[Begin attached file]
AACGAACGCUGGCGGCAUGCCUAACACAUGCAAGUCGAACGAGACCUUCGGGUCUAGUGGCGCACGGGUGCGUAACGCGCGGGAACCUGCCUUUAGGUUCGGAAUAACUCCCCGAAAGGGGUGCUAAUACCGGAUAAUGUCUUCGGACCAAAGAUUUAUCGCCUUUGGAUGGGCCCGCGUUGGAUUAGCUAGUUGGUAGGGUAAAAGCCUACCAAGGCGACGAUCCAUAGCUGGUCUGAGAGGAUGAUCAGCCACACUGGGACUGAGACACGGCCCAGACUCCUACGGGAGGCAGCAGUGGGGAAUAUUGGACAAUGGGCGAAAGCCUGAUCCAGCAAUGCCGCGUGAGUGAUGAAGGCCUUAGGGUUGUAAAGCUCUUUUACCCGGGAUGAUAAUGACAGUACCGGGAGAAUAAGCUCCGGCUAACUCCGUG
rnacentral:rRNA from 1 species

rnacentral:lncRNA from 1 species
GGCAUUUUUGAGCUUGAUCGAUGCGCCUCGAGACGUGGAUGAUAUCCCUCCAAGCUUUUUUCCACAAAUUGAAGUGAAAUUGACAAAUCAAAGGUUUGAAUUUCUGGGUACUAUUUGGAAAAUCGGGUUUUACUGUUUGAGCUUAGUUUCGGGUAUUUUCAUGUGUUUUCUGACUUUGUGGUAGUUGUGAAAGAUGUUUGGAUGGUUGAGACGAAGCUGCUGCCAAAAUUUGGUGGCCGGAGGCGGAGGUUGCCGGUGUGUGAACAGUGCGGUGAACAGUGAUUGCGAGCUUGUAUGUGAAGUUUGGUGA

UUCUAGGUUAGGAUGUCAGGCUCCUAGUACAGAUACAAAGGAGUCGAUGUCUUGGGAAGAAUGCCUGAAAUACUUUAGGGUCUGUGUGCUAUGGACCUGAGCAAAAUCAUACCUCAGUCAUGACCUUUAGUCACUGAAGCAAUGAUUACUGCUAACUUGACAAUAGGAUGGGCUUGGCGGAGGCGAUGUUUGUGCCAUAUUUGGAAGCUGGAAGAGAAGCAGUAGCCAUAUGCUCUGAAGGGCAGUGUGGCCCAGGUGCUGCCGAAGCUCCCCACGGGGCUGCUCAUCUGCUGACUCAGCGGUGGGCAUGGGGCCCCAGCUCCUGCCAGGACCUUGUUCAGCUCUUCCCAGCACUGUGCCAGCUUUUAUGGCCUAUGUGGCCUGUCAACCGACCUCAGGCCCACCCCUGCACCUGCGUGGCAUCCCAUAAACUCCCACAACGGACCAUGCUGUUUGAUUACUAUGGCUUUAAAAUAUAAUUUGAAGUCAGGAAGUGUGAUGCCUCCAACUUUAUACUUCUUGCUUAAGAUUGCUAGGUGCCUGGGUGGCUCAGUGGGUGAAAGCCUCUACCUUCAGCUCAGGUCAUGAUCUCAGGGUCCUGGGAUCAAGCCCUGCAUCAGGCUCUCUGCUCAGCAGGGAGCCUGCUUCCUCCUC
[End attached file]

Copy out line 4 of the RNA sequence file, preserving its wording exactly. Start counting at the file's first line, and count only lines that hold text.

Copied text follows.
GGCAUUUUUGAGCUUGAUCGAUGCGCCUCGAGACGUGGAUGAUAUCCCUCCAAGCUUUUUUCCACAAAUUGAAGUGAAAUUGACAAAUCAAAGGUUUGAAUUUCUGGGUACUAUUUGGAAAAUCGGGUUUUACUGUUUGAGCUUAGUUUCGGGUAUUUUCAUGUGUUUUCUGACUUUGUGGUAGUUGUGAAAGAUGUUUGGAUGGUUGAGACGAAGCUGCUGCCAAAAUUUGGUGGCCGGAGGCGGAGGUUGCCGGUGUGUGAACAGUGCGGUGAACAGUGAUUGCGAGCUUGUAUGUGAAGUUUGGUGA